In recent articles, I’ve discussed in great detail, the joys of cellaring beer. But once in a while, the greatest joy comes from finding something that you either misplaced, or forgot you cellared. This is exactly the case this month. While trying to decide which beer to pick for this issue, I stumbled upon a four pack of Oskar Blues Ten FIDY. Covered with a bit of dust, and marked 2008, I knew I found a gem.
Poured into a snifter, both the 2008 and 2011 Ten FIDY were black as night. Both beers were thick and viscous and literally looked like motor oil. Surprisingly, both beers had about the same amount of carbonation, which generally is not the case when comparing a vintage beer with a fresh one.
Upon first glance, there appeared to be no discernible differences. Both the 2008 Ten FIDY and 2011 had a two finger thick, tan head. The contrast in color from the tan head and the jet black body provided quite the picture of beauty.
The aroma from the 2008 Ten FIDY was reminiscent of dark fruit, with a slight apple presence. The 2011, on the other hand, was overwhelmingly caramel and toffee. I’m sure this was due to the abundant amount of roasted chocolate malts used in the brewing process. Worthy of note here, was the hint of a bourbon aroma that arose upon immediately popping the cans.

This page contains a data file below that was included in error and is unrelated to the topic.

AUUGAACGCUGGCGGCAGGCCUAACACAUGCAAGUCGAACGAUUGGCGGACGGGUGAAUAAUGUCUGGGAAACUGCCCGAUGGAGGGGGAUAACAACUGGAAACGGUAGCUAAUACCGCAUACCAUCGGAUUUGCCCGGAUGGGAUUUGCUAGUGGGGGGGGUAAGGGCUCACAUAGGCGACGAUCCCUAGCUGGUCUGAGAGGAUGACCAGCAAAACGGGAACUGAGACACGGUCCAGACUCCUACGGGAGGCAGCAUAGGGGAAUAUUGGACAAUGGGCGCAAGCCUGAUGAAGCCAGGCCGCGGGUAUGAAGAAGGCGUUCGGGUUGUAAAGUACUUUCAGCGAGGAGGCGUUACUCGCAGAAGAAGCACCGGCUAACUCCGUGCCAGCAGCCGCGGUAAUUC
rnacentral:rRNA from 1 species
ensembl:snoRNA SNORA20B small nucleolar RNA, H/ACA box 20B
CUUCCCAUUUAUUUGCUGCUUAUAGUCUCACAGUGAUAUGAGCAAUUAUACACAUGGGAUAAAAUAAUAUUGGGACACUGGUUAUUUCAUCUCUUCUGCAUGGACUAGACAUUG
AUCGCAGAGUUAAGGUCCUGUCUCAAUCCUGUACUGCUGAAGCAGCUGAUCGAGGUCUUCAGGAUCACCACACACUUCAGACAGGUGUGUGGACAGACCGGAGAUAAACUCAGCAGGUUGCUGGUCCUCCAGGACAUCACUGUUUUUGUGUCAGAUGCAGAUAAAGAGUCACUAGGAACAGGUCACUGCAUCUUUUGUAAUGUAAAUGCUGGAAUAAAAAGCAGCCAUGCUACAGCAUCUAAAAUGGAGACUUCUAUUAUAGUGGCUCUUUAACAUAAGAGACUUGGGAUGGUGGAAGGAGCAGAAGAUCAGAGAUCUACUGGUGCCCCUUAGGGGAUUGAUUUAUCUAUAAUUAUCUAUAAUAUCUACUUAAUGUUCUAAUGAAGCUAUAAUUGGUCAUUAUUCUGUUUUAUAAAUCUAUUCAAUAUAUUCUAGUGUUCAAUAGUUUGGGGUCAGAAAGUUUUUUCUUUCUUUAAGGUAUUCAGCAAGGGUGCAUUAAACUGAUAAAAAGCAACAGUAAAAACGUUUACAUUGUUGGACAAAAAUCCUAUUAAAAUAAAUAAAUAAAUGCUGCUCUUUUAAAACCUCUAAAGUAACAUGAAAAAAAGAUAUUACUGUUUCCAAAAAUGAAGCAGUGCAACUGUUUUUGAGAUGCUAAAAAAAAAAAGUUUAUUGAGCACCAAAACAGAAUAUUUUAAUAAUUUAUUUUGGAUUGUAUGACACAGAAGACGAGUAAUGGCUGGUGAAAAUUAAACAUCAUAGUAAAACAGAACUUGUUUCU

First sip from the 2011 yielded dark chocolate and caramel notes. This beer was quite complex. Surprisingly, there was not the dominant alcohol character that I expected. This beer was very smooth and velvety with just a hint of bourbon. For a beer with 98 IBU’s, the balance was amazing!
The 2008 Ten FIDY had a huge vanilla presence. There was also an abundance of molasses, which I didn’t notice in the 2011. Similar to the 2011 Ten FIDY, the mouth-feel was velvety and creamy smooth. After approximately 15 minutes, the 2008 Oskar Blues Ten FIDY had a dried fruit taste. The boozy, alcohol characteristics I expected from the start now made its presence known. I also noticed a feint hint of raisin.
The 2011 really hadn’t changed. Still creamy, smooth and delicious, chocolate now dominated my palate. This combination of chocolate and caramel instantly brought me back to my childhood and the tastes of a fresh Twix candy bar.
For years, there was a misconception that canned beer was not as good as bottled beer. But with improved technology and techniques, we’ve reached a new era. And for cellaring purposes, it may be the ideal situation.
Using terms like cross-eyed, cyclopean and concupiscent, Oskar Blues describes Ten FIDY like no one else can. Consumed fresh, this canned gem will bring delight and satisfaction to even the toughest critic. Add a few years via cellaring, and you have a true epic imbuement!